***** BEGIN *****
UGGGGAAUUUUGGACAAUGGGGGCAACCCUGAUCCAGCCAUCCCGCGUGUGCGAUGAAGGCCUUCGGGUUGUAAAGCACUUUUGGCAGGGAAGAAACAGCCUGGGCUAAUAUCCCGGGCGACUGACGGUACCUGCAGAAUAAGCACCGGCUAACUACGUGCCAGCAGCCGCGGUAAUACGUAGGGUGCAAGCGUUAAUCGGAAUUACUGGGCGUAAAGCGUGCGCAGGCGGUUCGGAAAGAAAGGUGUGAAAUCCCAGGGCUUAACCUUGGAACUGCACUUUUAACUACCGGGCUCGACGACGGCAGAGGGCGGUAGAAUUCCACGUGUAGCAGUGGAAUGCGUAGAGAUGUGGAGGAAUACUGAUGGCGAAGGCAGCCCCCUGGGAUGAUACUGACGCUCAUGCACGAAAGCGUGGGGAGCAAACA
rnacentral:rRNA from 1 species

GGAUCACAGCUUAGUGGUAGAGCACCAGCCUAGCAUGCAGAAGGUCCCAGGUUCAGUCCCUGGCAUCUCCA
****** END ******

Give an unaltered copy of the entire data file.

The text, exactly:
UGGGGAAUUUUGGACAAUGGGGGCAACCCUGAUCCAGCCAUCCCGCGUGUGCGAUGAAGGCCUUCGGGUUGUAAAGCACUUUUGGCAGGGAAGAAACAGCCUGGGCUAAUAUCCCGGGCGACUGACGGUACCUGCAGAAUAAGCACCGGCUAACUACGUGCCAGCAGCCGCGGUAAUACGUAGGGUGCAAGCGUUAAUCGGAAUUACUGGGCGUAAAGCGUGCGCAGGCGGUUCGGAAAGAAAGGUGUGAAAUCCCAGGGCUUAACCUUGGAACUGCACUUUUAACUACCGGGCUCGACGACGGCAGAGGGCGGUAGAAUUCCACGUGUAGCAGUGGAAUGCGUAGAGAUGUGGAGGAAUACUGAUGGCGAAGGCAGCCCCCUGGGAUGAUACUGACGCUCAUGCACGAAAGCGUGGGGAGCAAACA
rnacentral:rRNA from 1 species

GGAUCACAGCUUAGUGGUAGAGCACCAGCCUAGCAUGCAGAAGGUCCCAGGUUCAGUCCCUGGCAUCUCCA